in reality, certain US government agencies have been more prominent in setting
Internet policies and until May 1995 most important decisions came from the
National Science Foundation (NSF). Increasingly commercial vendors and large IT
and telecommunication companies are making an impact. In addition, a coalition
of technically knowledgeable individuals, usually voluntary, guide the
development of the Internet, the
Internet Society (ISOC). Innovations come from the Internet
Architecture Board (IAB) and its task forces and working groups.
The Internet is a co-operating group of independently administrated networks.
History and Growth of the Internet
Internet started life as a
packet-switching network called
It was an experimental project by the US Department of Defence (DoD) to get
computers to communicate over wide geographical areas (1969). When, in later
years LANs, and WANs, began to proliferate DARPA (Defence Research Projects
Agency) began to explore the use of packet
switching techniques to communicate with these other types of network. However,
ARPANET required a more general set of protocols to allow this goal to be
fulfilled so DARPA funded the development of TCP/IP.
In 1983 DARPA required all networks and
computers connected to ARPANET to use TCP/IP. Also ARPANET became 2 nets,
ARPANET for research and development and MILNET for Military sensitive data.
Eventually, ARPANET was dissolved in favour of the
NSFNET which employed more up-to-date technology
and served the research and academic communities. This led the way for the
growth of the Internet. In May
1995 the US government dismantled the NSFNET and large companies such as
MCI and Sprint
have eagerly stepped in to supply Internet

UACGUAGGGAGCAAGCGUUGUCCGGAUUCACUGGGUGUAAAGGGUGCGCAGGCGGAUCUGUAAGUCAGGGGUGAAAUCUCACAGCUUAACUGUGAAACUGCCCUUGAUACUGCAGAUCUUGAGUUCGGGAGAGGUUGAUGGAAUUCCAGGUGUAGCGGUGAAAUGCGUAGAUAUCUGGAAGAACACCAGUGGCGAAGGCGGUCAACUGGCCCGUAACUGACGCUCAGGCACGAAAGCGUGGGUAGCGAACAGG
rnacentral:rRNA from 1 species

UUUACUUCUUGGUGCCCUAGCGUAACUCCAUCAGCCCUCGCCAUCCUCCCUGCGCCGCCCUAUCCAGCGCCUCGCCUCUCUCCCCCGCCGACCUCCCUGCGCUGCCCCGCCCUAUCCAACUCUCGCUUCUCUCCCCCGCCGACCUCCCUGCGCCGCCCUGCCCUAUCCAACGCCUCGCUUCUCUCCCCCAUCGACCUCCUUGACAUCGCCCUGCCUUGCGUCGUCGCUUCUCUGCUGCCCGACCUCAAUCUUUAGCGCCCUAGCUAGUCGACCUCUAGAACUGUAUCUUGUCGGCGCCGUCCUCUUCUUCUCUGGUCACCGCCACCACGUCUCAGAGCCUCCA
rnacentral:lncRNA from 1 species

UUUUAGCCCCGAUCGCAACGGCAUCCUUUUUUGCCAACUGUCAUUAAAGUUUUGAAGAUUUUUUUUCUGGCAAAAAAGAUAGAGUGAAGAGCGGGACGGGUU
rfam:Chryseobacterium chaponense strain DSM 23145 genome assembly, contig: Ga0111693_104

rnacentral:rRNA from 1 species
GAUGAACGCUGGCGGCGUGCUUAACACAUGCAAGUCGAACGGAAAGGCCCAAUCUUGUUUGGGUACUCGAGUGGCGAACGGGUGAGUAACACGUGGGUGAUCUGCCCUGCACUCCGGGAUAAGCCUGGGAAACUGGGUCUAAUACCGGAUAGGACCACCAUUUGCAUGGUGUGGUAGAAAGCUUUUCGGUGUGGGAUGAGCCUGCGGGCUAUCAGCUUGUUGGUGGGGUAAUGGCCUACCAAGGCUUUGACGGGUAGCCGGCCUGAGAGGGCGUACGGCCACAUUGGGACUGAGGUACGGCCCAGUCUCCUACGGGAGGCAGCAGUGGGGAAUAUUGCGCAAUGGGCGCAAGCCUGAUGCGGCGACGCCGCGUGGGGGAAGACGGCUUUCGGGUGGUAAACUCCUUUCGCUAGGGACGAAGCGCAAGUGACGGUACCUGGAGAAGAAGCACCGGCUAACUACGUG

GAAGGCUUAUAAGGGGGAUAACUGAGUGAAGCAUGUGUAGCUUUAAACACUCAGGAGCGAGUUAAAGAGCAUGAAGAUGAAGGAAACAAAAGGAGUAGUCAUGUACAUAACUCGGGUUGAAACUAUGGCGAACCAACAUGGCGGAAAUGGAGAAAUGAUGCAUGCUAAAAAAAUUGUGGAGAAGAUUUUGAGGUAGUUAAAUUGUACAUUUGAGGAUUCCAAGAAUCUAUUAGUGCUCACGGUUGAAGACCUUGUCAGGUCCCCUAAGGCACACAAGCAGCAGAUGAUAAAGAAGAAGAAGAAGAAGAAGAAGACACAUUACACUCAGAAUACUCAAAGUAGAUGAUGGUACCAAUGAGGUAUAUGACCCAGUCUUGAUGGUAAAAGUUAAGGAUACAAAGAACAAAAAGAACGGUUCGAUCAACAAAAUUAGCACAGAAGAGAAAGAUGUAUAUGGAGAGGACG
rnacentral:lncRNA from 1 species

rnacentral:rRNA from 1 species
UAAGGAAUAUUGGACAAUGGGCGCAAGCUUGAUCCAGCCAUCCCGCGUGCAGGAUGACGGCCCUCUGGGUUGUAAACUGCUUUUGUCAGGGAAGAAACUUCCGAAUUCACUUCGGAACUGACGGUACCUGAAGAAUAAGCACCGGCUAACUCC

connectivity across the US backbone.
It is difficult to imagine how big the internet is and how quickly it is
growing. In August 1981 there were 213 hosts on the Internet (ARPANET). In
October 1984 there were 1,024 hosts. In Jan. 1996 the internet exceeded 9.4
million hosts and it was estimated that between 40 and 60 million users had
access to the Internet via these hosts! These numbers are estimates based on
Mark Lottor's Domain Survey which counts
the overall number of registered host computers connected to the Net. However,
these numbers are only rough estimates given that many hosts may be hidden
or may be down or disconnected.
To understand the Internet it is first necessary to uncerstand some of the
Basic Internet Concepts:
From the Internet user's point of view, access to the network and its services
is accomplished by using application programs. It is not really necessary for a
user to understand the details of the programs just how to use them. However,
the user should have an idea of the standards for their use and the etiquette
expected. Some of the most common and widely used application as well as some
of particular use to an information scientist or manager are the
Principal Internet Applications:
FULL COURSE INDEX
PAULINE BERRY | DIS |